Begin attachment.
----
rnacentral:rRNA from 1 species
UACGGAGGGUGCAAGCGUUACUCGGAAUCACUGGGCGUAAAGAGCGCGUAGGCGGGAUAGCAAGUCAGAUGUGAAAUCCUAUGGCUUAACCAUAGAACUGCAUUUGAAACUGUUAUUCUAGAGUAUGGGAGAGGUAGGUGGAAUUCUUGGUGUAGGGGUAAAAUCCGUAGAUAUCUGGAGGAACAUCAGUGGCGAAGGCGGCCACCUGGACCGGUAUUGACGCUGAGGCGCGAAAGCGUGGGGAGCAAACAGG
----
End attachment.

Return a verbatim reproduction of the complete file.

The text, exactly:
rnacentral:rRNA from 1 species
UACGGAGGGUGCAAGCGUUACUCGGAAUCACUGGGCGUAAAGAGCGCGUAGGCGGGAUAGCAAGUCAGAUGUGAAAUCCUAUGGCUUAACCAUAGAACUGCAUUUGAAACUGUUAUUCUAGAGUAUGGGAGAGGUAGGUGGAAUUCUUGGUGUAGGGGUAAAAUCCGUAGAUAUCUGGAGGAACAUCAGUGGCGAAGGCGGCCACCUGGACCGGUAUUGACGCUGAGGCGCGAAAGCGUGGGGAGCAAACAGG